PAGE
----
The curriculum vitae (CV) provides an overview of your achievements in the academic realm and should ideally provide a sense of continuity between what you have done in the past and what you plan to do in the future. There are different standards for American and British/Canadian cvs. This article focuses on the American cv.
These are not hard and fast rules. What’s important is that the information on your cv be easy to find at a glance. The reader should be able to skim over the content and get a sense of who you are and what you have accomplished before proceeding to the more narrative cover letter or statement of purpose.
- Use the same font throughout the document.
- Use bold and caps to set off section and sub-section headers. Be consistent in your use of these.
- Use 1-inch margins and keep in mind that an American reader may print your document on 8 ½ x 11 inch paper rather than A4. Try to keep sections together on the page.
- No bullet points.
- Italicize all journal and book titles.
- When listing publications, stick to the citation format most common in your field (APA, Chicago).
- No narrative of any kind (descriptions of job duties, etc.). The academic cv is purely a list.
Personal Information: Name, academic affiliation, contact information
- List your highest degree first
- List degrees you are currently pursuing as “in progress” with an expected graduation date.
- Use initials (M.A., B.A., etc.)
- If relevant, list the title of your thesis and the name of your thesis advisor
- Largely irrelevant if you are still a student.
- List academic jobs by job title beginning with the most recent
- Create sub-headings for each of the following: publications, invited talks, conference and symposium presentations. Leave out sections that do not apply to you.
- Prioritize the most impressive achievements (publications over conferences, peer reviewed over non-peer-reviewed). After that, list items beginning with the most recent.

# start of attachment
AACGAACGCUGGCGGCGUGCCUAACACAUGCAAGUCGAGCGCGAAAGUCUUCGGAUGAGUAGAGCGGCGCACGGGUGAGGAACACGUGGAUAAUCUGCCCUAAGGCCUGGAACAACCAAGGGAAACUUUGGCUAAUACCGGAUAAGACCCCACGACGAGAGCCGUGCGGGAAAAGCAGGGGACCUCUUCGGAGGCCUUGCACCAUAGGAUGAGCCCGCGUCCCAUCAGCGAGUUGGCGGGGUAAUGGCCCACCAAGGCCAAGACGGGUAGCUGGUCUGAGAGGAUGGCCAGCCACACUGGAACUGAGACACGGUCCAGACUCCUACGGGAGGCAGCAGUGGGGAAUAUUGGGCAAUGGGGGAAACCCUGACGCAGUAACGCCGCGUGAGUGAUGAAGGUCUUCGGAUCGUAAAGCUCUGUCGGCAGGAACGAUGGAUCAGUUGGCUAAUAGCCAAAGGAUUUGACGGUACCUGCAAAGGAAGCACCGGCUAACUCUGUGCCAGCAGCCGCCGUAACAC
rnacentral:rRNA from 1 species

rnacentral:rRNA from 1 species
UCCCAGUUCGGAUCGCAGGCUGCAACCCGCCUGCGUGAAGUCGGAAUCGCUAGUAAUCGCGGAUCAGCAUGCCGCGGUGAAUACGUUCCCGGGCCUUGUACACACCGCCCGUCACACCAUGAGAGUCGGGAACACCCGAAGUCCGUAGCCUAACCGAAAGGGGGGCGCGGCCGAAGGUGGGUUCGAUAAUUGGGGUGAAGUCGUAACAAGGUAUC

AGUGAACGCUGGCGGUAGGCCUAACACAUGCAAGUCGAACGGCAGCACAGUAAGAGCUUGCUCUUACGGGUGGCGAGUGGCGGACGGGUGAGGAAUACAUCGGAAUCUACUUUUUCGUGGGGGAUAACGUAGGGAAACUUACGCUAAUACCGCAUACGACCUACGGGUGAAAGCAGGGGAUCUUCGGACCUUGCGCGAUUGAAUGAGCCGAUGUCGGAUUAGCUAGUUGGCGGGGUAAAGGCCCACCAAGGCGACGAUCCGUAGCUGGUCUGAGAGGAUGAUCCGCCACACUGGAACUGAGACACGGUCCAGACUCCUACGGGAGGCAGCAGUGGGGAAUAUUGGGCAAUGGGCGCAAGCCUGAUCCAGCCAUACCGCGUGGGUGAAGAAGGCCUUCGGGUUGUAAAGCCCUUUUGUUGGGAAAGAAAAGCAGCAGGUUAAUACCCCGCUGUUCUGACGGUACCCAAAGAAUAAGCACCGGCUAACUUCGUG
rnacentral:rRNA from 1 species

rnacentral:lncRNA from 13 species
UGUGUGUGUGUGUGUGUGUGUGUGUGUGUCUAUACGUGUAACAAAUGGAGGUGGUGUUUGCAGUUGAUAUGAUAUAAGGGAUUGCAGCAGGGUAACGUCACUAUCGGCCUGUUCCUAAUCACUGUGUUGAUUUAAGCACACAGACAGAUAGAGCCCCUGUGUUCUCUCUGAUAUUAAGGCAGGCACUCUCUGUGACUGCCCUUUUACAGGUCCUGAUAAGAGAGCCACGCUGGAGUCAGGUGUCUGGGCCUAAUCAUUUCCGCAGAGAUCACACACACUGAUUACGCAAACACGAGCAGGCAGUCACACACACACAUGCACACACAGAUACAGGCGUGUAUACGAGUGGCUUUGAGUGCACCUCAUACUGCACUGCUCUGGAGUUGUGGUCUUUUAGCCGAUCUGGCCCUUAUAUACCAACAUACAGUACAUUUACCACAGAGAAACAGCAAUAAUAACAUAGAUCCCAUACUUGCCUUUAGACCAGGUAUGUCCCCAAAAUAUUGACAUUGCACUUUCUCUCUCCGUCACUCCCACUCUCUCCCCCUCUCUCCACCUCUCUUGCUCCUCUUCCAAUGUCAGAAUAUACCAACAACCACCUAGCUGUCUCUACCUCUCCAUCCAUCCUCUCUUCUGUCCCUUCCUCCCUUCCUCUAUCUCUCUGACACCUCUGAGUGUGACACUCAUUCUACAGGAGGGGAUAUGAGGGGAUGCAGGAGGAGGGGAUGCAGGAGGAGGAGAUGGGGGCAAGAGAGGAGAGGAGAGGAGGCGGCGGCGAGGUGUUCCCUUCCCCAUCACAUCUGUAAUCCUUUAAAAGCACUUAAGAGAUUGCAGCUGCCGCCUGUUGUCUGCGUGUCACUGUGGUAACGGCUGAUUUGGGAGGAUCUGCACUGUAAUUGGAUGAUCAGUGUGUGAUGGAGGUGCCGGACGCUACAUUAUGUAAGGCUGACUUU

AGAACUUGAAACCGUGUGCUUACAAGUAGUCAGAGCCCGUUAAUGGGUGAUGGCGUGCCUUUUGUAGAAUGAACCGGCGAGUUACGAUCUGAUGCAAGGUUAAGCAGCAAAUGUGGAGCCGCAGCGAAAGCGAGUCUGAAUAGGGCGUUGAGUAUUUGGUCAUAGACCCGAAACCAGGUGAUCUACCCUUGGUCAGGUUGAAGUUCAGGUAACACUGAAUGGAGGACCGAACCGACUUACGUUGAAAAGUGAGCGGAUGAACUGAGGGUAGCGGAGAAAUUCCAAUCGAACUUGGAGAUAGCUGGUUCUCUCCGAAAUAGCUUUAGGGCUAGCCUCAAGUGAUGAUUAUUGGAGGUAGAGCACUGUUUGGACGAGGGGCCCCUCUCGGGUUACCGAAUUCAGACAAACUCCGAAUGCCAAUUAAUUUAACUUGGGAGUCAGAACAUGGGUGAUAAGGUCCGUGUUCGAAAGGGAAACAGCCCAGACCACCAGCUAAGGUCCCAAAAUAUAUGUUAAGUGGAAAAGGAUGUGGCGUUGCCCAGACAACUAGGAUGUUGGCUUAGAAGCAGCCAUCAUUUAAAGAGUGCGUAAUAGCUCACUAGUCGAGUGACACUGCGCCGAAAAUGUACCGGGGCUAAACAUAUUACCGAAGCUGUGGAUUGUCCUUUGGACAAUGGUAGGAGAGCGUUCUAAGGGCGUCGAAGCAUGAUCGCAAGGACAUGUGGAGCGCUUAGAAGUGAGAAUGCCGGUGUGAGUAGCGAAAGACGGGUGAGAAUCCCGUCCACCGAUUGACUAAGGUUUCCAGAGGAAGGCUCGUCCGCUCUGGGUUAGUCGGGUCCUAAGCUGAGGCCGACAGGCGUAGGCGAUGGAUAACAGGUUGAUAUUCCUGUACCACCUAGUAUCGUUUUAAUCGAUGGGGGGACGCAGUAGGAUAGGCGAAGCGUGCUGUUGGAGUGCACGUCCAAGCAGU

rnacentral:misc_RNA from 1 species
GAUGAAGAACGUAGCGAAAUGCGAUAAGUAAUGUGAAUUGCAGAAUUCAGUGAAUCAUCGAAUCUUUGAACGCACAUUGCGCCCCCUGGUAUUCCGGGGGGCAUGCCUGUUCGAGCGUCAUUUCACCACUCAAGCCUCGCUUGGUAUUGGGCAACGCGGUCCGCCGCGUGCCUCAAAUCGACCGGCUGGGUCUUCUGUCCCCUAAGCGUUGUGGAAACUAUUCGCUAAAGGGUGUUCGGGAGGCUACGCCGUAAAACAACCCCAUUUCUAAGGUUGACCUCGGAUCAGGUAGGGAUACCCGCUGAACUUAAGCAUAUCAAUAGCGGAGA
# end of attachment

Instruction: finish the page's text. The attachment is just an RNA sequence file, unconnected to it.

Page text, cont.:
Grants and Fellowships:
- List the name of the granting body and their location.
- Include the amount of the grant if available.
Awards and Scholarships:
- List any academic awards that you have received since entering university (no secondary school achievements).
- Begin with the most recent.
- List any relevant work experience, beginning with your most recent position
- Include work done as a TA or other academic assistant
- Do not describe your job duties as you would in a resume for a job
- Volunteer work that you have performed in or outside of NES.
- List all languages you speak with proficiency levels
- Give test scores (IELTS) if available
- List 3 to 5 people who are willing to offer a reference for you
- Include their academic titles (Assistant Professor, Associate Professor), affiliation, and contact information.
“But my CV is really short”
If you are only just about to graduate with a Bachelor’s or Master’s degree, you are at the very beginning of your academic career. It is understood that your CV will be thin. A single page CV is perfectly appropriate at this stage. Make sure that you include all relevant academic achievements, even if you worked in a different field or research specialty than the one in which you are pursuing your next degree. The important thing is to show continuity of engagement with the academic world.